Members of the Royal College of Nursing (RCN) in Scotland have voted to accept the pay offer given by the Scottish government, suspending the planned strike action. This acceptance was due to the ballot resulting in acceptance by a narrow majority of 53.4%. Although they voted to accept, RCN Scotland acknowledges that a significant minority were not in support of accepting this offer – which shows the discontent of nurses in Scotland.
Similarly, members of GMB in Scotland have also removed the strike action plans of NHS Scotland and the Scottish Ambulance Service due to accepting the pay offer the Scottish government gave. This was accepted through a ballot that resulted in 59.7% of members voting to accept.
Background on the Nursing Workforce Crisis
Like other strike actions and demands brought forth in other industries, nurses across the UK have been calling for pay rises and improvements in working conditions. Rising inflation rates, which stand at 9.2%, that have not been aligned with pay rises are now significantly affecting nurses, with them receiving pay rises consistently below inflation rates since 2010.
Not only demanding pay raises, but nurses have also expressed concern and frustration over working conditions. Staff shortages have become an issue as often there are unsafe staffing levels – which limits them from giving patients proper care.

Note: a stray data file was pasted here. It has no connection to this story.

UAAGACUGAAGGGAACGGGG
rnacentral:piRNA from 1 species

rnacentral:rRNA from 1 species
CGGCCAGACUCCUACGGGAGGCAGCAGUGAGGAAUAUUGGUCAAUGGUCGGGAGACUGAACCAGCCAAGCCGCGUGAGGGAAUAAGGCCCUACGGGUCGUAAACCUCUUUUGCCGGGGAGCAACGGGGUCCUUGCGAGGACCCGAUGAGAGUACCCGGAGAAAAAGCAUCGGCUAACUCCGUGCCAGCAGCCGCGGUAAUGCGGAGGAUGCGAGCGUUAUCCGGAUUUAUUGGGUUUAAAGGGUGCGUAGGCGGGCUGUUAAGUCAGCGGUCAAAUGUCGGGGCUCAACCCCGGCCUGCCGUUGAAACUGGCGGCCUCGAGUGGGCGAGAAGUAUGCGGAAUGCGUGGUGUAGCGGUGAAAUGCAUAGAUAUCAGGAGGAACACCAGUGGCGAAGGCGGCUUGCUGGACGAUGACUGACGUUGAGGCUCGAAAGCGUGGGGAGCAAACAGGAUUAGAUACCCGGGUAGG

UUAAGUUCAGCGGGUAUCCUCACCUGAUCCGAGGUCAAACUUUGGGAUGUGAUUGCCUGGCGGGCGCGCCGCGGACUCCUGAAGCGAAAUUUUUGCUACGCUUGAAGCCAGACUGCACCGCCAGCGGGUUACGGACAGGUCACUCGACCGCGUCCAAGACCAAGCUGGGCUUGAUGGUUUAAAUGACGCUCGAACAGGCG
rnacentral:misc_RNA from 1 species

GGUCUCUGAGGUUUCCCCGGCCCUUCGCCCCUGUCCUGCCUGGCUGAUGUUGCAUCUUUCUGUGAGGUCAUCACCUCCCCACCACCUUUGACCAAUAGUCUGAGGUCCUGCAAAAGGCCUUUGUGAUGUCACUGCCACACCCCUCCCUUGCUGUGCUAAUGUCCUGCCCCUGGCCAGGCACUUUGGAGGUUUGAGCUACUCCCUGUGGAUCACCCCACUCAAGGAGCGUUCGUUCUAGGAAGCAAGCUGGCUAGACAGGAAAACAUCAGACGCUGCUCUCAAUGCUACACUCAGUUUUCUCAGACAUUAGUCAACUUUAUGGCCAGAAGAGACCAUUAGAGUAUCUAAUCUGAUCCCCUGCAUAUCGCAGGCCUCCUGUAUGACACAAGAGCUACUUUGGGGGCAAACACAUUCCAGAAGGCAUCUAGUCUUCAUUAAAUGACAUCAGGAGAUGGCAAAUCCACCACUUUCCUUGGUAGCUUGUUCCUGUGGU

Details on the Offer
The accepted offer will involve allocating funds of £568 million for NHS staff in Scotland which include nurses. The average increase will be 6.5% for the 2023/24 financial year starting in April.
On top of a pay rise, nurses will also be given a one-off payment equal to three calendar months’ difference between the basic pay of 2022/23 and 2023/24. This lump sum is reported to be around £387 to £939. Overall, this will mean that the majority of nurses will experience pay rises of 13-14% in the next two years.
Julie Lamberth, board Chair at RCN Scotland stated: “It took the real threat of nursing strikes to get the Scottish government to this point. While you voted by a narrow margin to accept the offer, the chronic staff shortages and low morale that led to the strike mandate are still very real. Scotland’s new First Minister must ensure that the nursing voice is listened to, that our contribution is recognised through the Agenda for Change review and that the commitment to a Nursing and Midwifery Taskforce delivers real change.”
Although the offer has been accepted, RCN Scotland will still be considering the pay offer given to NHS England and the possible impact it will have on NHS Scotland’s pay. If the offer given to NHS England includes additional funding given to the Scottish government for the 2022/23 period of NHS pay, they will immediately act on the re-opening clause that was agreed upon. This action is part of their roadmap to resolve the ongoing disputes.